reformation of religion, on the basis of the Holy Scriptures. Zwingli was till then in sympathy with the aims of this radical clement, so far as they had been formulated and were understood by him, but it was his opinion that they were too precipitate in action and were inclined to press the work of reformation too rapidly. So far, however, the difference was concerning methods rather than principles, nor did the discussion develop a more serious difference than this.
The questions discussed at this gathering were the use of images and the celebration of the mass, two of the three days being given chiefly to the first subject. On the first day, after Zwingli, Leo, and others had quite fully discussed the matter,—all being agreed in principle that images are contrary to the gospel order, but Zwingli counselling moderation in action,—Hübmaier spoke as follows:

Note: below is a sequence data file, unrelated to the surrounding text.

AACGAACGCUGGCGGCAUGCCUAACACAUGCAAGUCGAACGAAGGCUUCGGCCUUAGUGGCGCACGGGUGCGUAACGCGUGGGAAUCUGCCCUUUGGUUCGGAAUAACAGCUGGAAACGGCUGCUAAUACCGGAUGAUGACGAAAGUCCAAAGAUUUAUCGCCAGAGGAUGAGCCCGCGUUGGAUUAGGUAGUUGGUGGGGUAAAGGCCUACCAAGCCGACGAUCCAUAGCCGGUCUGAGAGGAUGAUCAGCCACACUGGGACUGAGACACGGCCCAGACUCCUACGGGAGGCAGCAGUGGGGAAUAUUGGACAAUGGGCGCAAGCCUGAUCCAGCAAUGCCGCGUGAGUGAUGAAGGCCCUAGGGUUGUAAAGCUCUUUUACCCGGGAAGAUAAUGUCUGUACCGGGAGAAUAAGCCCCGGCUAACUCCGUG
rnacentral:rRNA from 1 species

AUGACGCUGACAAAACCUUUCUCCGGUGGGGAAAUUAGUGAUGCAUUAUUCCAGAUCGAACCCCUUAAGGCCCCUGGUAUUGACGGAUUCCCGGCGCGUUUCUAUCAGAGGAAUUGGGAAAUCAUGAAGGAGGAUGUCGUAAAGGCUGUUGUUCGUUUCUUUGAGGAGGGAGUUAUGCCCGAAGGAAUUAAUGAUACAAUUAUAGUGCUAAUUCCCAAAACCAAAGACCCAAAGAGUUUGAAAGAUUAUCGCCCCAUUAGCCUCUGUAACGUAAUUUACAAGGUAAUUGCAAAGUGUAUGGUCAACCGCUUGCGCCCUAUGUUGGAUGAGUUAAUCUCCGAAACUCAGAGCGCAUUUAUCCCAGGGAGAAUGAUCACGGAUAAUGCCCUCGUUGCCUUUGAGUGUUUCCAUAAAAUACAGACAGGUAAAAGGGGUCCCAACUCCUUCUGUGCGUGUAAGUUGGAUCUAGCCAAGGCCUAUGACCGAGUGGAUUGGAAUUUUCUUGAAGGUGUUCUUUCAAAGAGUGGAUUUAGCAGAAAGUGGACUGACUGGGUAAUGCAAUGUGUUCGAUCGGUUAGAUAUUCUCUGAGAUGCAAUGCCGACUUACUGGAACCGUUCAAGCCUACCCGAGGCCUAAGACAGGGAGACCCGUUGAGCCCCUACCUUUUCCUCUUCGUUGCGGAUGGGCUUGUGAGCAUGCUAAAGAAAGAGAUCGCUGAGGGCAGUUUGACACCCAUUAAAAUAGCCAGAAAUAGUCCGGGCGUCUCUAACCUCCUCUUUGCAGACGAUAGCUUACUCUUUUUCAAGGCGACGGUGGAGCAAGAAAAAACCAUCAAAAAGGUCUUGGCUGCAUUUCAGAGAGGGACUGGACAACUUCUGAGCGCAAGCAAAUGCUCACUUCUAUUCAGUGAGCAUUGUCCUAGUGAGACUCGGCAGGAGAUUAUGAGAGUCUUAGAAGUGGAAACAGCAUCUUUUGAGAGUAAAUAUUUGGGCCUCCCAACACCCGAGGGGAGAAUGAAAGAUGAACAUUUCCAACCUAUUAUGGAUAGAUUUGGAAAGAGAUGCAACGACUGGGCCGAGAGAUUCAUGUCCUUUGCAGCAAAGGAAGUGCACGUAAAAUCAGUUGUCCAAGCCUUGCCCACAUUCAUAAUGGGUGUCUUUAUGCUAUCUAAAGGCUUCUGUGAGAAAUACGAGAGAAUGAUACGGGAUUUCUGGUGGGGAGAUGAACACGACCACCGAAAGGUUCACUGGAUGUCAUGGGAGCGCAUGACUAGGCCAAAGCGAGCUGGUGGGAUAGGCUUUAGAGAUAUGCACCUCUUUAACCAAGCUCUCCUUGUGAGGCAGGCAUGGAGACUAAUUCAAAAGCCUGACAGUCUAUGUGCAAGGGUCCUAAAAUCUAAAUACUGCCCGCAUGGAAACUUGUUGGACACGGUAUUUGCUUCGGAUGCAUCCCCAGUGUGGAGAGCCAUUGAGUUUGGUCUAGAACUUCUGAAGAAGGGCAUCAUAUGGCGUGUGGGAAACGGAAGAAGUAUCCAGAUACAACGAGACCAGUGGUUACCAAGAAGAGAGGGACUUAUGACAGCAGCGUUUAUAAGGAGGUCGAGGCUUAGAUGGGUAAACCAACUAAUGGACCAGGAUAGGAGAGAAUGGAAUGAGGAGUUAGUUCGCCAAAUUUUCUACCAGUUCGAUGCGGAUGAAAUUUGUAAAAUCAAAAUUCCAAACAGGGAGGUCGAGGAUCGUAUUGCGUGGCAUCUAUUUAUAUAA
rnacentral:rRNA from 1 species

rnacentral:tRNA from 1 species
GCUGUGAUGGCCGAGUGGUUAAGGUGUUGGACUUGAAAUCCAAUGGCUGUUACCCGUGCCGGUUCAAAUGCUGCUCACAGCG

"He who is the omnipotent and eternal God has commanded us, through his servant Moses, thus: 'If thou meet thine enemy's ox or ass going astray, thou shalt surely bring it back to him again. If thou see the ass of him that hateth thee lying under his burden, thou shalt forbear to leave him, thou shalt surely release it with him' [Ex. xxiii., 4, 5.]. And Christ admonishes us to